Canadian permanent residence does not confer any particular US immigration benefits. Canadian citizens may travel to the US without a visa, and may seek employment in one year increments under the North American Free Trade Agreement (NAFTA). NAFTA provides a list of eligible classes of employment most of which are executive, managerial, professional or scientific in nature. The US does not offer Canadians a fast tract to permanent residence or employment out side of the NAFTA list.

Generally, one may apply for Canadian citizenship if one has maintained permanent residence in Canada three of the four years preceding the application.

How have the events of September 11, 2001 in the United States affected Canadian immigration policy?

Canadian and authorities in the United States have concluded a number of efforts to further expand upon cooperative strategies in the areas of shared intelligence gathering, administration of customs and revenue policies and joint procedures on security with government agencies in the United States in order to better secure our North American perimeters. Such initiatives also include information and electronic database sharing with law enforcement agencies between G8 member countries, including Canada.

However, Canadian immigration policies currently reflect a more strict approach to the selection and admission of foreign nationals for reasons that relate to the volume of applicants worldwide, who are interested in relocating to Canada and therefore which do not necessarily relate to the events of September 11, 2001

What is the Canada’s Immigration Plan for 2011?

Table 1: Immigration Levels Plan 2011 Immigrant Category   2011 Plan Target Ranges
Low                High
ECONOMIC CLASS
Federally Selected Economic Class*                                                     74,000              80,400
Principal Applicants†                                                                              33,200              36,600
Spouses and Dependants†                                                                    40,800              43,800
Provincially Selected Economic Class*                                                76,600              80,900
Principal Applicants†                                                                             31,900              33,800
Spouses and Dependants†                                                                    44,700              47,100
Provincial Nominee Program                                                              42,000              45,000
Principal Applicants†                                                                            17,500              18,800
Spouses and Dependants†                                                                   24,500              26,200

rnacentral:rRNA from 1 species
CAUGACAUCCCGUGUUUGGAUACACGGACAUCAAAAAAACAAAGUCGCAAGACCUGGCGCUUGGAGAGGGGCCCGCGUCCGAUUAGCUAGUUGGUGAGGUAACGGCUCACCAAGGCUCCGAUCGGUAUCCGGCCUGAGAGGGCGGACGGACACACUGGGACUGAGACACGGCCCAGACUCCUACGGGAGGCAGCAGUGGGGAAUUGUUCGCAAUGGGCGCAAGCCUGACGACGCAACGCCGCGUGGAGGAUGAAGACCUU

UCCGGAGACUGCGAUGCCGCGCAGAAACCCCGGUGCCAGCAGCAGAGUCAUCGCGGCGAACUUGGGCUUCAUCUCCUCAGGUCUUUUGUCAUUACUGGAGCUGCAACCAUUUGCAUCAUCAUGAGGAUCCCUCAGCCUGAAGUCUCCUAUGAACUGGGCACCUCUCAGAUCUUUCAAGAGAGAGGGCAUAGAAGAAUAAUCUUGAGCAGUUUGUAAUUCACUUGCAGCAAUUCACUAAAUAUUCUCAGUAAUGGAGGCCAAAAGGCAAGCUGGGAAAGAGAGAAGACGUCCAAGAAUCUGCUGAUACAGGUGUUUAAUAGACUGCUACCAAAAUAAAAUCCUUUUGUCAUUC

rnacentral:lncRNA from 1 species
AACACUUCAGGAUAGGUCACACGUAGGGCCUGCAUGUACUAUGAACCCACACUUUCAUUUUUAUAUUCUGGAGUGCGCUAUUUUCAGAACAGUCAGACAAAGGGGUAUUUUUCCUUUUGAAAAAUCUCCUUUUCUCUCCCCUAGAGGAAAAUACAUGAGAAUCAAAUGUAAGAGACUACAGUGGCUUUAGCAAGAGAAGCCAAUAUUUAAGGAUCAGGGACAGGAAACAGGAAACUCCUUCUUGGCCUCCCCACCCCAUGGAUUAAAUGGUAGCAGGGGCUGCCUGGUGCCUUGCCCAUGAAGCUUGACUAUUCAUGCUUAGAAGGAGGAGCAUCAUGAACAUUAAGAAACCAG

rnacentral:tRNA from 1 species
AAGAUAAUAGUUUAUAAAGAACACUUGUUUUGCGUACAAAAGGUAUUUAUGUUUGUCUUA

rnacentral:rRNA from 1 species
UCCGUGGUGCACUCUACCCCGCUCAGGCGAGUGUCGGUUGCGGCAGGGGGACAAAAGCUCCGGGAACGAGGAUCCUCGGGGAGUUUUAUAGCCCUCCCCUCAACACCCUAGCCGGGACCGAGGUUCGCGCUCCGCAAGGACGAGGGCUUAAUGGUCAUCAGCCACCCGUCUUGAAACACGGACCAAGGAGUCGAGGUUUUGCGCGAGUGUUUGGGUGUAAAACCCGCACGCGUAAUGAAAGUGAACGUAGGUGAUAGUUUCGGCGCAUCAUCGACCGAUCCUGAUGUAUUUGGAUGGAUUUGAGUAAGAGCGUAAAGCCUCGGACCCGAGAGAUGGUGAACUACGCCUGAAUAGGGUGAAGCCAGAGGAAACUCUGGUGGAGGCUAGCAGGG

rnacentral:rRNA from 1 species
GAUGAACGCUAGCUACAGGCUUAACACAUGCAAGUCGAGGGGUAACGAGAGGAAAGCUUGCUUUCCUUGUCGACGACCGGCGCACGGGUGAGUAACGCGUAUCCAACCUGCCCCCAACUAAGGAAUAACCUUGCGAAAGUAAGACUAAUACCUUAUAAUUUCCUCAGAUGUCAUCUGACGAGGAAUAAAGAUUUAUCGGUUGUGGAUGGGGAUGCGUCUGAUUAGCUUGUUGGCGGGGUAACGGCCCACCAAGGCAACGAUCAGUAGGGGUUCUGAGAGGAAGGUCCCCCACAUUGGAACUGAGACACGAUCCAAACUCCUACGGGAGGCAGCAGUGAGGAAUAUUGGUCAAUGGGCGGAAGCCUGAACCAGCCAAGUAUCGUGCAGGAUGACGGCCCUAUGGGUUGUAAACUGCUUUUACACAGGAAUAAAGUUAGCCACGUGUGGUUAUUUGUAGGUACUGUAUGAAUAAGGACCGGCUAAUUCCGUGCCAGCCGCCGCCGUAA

Quebec-selected Skilled Workers and Business                              34,600               35,900
Principal Applicants†                                                                          14,400               15,000
Spouses and Dependants†                                                                 20,200               20,900
Subtotal Economic Class—Principal Applicants                              65,100               70,400
Subtotal Economic Class—Spouses and Dependants                     85,500               90,900
Total Economic Class                                                                         150,600             161,300
FAMILY CLASS
Spouses, Partners and Children                                                      45,500                 48,000
Parents and Grandparents                                                              13,000                17,500
Total Family Class                                                                             58,500               65,500
PROTECTED PERSONS
Government-assisted Refugees                                                       7,400                8,000
Privately Sponsored Refugees                                                         3,800                 6,000
Protected Persons In-Canada                                                          8,200               10,500
Dependants Abroad of Protected Persons In-Canada                  3,800                4,500
Total Protected Persons                                                                   23,200              29,000
OTHER
Humanitarian and Compassionate Grounds/Public Policy          7,600               9,000
Permit Holders                                                                                   100                  200
Total Other                                                                                         7,700              9,200
TOTAL                                                                                               240,000         265,000

Contact Us

Leave a Reply

  • Language

  • Follow US
    facebook          Twitter          linkedin
     
    linedin          RSS Feed          Youtube